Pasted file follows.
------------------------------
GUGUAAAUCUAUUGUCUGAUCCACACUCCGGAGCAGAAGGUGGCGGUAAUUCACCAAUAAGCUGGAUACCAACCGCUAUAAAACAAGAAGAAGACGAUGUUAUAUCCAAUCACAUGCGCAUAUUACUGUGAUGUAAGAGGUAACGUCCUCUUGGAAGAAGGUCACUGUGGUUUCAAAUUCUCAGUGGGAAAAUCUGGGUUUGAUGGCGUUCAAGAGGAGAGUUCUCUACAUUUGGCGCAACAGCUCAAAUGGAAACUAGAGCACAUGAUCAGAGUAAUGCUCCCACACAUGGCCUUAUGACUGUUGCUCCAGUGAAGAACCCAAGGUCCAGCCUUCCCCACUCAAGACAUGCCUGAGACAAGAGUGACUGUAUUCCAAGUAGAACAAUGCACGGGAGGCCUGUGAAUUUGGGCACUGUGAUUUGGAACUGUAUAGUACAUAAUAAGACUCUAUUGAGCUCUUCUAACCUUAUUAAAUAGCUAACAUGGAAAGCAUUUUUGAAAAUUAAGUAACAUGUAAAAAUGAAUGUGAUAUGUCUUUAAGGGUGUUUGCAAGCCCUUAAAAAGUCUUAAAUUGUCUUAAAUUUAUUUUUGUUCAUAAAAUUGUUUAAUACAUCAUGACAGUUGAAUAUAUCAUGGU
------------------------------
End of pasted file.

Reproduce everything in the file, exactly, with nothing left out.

GUGUAAAUCUAUUGUCUGAUCCACACUCCGGAGCAGAAGGUGGCGGUAAUUCACCAAUAAGCUGGAUACCAACCGCUAUAAAACAAGAAGAAGACGAUGUUAUAUCCAAUCACAUGCGCAUAUUACUGUGAUGUAAGAGGUAACGUCCUCUUGGAAGAAGGUCACUGUGGUUUCAAAUUCUCAGUGGGAAAAUCUGGGUUUGAUGGCGUUCAAGAGGAGAGUUCUCUACAUUUGGCGCAACAGCUCAAAUGGAAACUAGAGCACAUGAUCAGAGUAAUGCUCCCACACAUGGCCUUAUGACUGUUGCUCCAGUGAAGAACCCAAGGUCCAGCCUUCCCCACUCAAGACAUGCCUGAGACAAGAGUGACUGUAUUCCAAGUAGAACAAUGCACGGGAGGCCUGUGAAUUUGGGCACUGUGAUUUGGAACUGUAUAGUACAUAAUAAGACUCUAUUGAGCUCUUCUAACCUUAUUAAAUAGCUAACAUGGAAAGCAUUUUUGAAAAUUAAGUAACAUGUAAAAAUGAAUGUGAUAUGUCUUUAAGGGUGUUUGCAAGCCCUUAAAAAGUCUUAAAUUGUCUUAAAUUUAUUUUUGUUCAUAAAAUUGUUUAAUACAUCAUGACAGUUGAAUAUAUCAUGGU